that individual flow (Flow D) by Rtr8.  This will not affect the
       aggregate directly, but is an indication to the routers (and the
       source end-system) which individual flow is to be preempted.

   o   Once Rtr8 preempts whichever individual flow (or 'bandwidth' at
       the aggregate ingress), it transmits a new RESV message for that
       aggregate (B), not for a new aggregate.  This RESV from the
       deaggregator indicates an decrease in bandwidth sufficient to
       accommodate the remaining 4 flows (A,B,C,E), which is now
       320kbps (in this example).

   o   This RESV message travels the entire path of the reservation,
       resetting all routers to this new aggregate bandwidth value.
       This should be what is necessary to prevent a ResvTear message
       from being generated by Rtr10 towards Rtr6 and Rtr5.

   Rtr5 will not know through this RESV message which individual flow
   was preempted.  If in this example, Rtr8 was given more bandwidth to


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   keep, it might have transmitted a bandwidth reduction ResvErr
   indication towards the end-system of Flow D.  In that case, a voice
   signaling protocol (such as SIP) could have attempted a
   renegotiation of that individual flow to a reduced bandwidth (say,
   but changing the voice codec from G.711 to G. 729).  This could have
   saved Flow D from preemption.


10. References

10.1  Normative References

 [1] R. Braden, Ed., L. Zhang, S. Berson, S. Herzog, S. Jamin,
     "Resource ReSerVation Protocol (RSVP) -- Version 1 Functional
     Specification", RFC 2205, September 1997

 [2] F. Baker, C. Iturralde, F. Le Faucheur, B. Davie, "Aggregation of
     RSVP for IPv4 and IPv6 Reservations", RFC 3175, September 2001

 [3] S. Herzog, "Signaled Preemption Priority Policy Element", RFC
     3181, October 2001

[4] Bradner S., "Key words for use in RFCs to Indicate Requirement
     Levels", RFC 2119, March 1997

 [5] S. Herzog, "RSVP Extensions for Policy Control", RFC 2750,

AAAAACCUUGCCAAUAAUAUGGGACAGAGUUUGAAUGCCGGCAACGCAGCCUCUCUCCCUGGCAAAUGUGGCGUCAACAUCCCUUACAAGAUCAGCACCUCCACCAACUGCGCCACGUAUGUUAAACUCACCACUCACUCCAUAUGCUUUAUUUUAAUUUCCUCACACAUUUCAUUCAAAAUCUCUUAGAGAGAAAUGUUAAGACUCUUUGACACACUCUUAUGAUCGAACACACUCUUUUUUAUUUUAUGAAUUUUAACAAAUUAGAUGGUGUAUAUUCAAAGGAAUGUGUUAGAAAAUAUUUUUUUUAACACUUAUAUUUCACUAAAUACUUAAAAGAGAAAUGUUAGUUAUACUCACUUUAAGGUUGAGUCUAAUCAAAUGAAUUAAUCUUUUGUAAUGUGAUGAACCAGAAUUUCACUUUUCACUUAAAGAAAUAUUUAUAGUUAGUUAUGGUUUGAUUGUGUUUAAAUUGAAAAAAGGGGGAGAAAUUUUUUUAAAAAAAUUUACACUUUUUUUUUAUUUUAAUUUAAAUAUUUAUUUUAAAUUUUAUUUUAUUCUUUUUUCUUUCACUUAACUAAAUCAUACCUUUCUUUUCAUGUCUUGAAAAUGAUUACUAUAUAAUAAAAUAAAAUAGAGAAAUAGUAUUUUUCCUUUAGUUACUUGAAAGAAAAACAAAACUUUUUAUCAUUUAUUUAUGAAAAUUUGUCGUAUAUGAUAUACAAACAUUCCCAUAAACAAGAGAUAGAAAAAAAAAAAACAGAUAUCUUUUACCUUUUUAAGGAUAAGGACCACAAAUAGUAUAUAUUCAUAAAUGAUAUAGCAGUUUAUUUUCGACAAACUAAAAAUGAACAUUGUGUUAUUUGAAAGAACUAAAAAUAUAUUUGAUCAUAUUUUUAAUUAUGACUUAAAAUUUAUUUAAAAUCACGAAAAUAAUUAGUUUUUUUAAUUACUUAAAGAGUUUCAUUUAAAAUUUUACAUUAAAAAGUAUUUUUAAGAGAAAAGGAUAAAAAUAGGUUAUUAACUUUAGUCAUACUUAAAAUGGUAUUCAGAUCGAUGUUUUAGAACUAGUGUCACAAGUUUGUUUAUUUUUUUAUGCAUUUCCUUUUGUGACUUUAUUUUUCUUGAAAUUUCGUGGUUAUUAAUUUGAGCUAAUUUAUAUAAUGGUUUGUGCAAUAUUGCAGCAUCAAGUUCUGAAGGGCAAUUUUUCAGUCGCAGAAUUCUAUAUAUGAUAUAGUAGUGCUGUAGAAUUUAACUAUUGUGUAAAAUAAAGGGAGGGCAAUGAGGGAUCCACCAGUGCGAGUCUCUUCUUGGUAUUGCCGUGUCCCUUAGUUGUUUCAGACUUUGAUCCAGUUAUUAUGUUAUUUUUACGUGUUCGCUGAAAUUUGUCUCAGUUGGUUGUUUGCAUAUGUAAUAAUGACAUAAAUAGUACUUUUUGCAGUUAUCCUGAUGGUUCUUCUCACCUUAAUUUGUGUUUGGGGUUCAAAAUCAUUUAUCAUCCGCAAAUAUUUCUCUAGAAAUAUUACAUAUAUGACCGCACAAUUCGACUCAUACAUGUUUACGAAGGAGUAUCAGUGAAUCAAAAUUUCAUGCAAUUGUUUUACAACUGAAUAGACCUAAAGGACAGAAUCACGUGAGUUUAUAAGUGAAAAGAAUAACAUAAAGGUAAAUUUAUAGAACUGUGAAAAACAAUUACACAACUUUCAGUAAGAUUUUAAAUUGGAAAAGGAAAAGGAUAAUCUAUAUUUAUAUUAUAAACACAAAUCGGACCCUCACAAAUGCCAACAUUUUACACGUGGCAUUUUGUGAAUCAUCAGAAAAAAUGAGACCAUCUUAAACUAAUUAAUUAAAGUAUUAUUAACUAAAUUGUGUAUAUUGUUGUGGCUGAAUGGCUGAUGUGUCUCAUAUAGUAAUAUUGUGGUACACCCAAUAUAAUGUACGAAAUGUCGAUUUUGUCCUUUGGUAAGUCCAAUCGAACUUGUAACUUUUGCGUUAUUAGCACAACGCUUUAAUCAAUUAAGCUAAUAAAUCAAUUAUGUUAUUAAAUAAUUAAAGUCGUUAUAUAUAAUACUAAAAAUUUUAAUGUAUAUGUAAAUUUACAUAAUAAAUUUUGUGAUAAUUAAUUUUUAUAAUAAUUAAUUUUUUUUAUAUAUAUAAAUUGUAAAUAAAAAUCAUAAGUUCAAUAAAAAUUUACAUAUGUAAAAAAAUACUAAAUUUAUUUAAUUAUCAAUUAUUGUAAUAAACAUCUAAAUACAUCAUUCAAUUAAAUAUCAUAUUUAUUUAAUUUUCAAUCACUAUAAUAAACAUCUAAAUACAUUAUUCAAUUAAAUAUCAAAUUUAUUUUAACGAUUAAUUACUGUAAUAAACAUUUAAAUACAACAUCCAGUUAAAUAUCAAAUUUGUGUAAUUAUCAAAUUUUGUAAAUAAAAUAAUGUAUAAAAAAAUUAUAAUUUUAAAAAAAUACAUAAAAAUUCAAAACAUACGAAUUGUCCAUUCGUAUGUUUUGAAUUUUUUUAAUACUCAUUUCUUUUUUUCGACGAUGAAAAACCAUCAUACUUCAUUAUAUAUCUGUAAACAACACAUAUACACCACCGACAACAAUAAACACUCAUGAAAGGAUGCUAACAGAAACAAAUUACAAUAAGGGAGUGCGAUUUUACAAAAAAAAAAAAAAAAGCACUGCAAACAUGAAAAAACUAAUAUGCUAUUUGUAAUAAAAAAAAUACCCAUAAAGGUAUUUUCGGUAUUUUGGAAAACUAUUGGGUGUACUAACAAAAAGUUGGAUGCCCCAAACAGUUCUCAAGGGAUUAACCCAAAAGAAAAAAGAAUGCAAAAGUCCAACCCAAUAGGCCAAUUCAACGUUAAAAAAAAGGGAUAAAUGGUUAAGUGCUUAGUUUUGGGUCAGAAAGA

January 2000

 [6] L. Berger, D. Gan, G. Swallow, P. Pan, F. Tommasi, S. Molendini,
     "RSVP Refresh Overhead Reduction Extensions" RFC 2961, April 2001

 [7] J. Wroclawski, "The Use of RSVP with IETF Integrated Services",
     RFC 2210, September 1997

 [8] L. Berger, T. O'Malley, "RSVP Extensions for IPSEC Data Flows",
     RFC 2207, September 1997

10.2  Informational References

 [9] J. Rosenberg, H. Schulzrinne, G. Camarillo, A. Johnston,
     J. Peterson, R. Sparks, M. Handley, and E. Schooler, "SIP:
     Session Initiation Protocol", RFC 3261, May 2002.

 [10] K. Ramakrishnan, S. Floyd, D. Black, "The Addition of Explicit
      Congestion Notification (ECN) to IP", RFC 3168, September 2001

 [11] F. Le Faucheur, B. Davie, P. Bose, C. Christou, " Aggregate
      reservations for IPsec Tunnel", draft-lefaucheur-rsvp-ipsec-00,
      February 2005, "work in progress"





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11.  Author Information

   James M. Polk
   Cisco Systems
   2200 East President George Bush Turnpike
   Richardson, Texas 75082 USA

   Email: jmpolk@cisco.com

   Subha Dhesikan
   Cisco Systems
   170 W. Tasman Drive
   San Jose, CA 95134 USA

 Email: sdhesika@cisco.com


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Copyright Statement

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Acknowledgment

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   The Expiration date for this Internet Draft is:

   August 10th, 2005




































Polk & Dhesikan                                               [Page 19]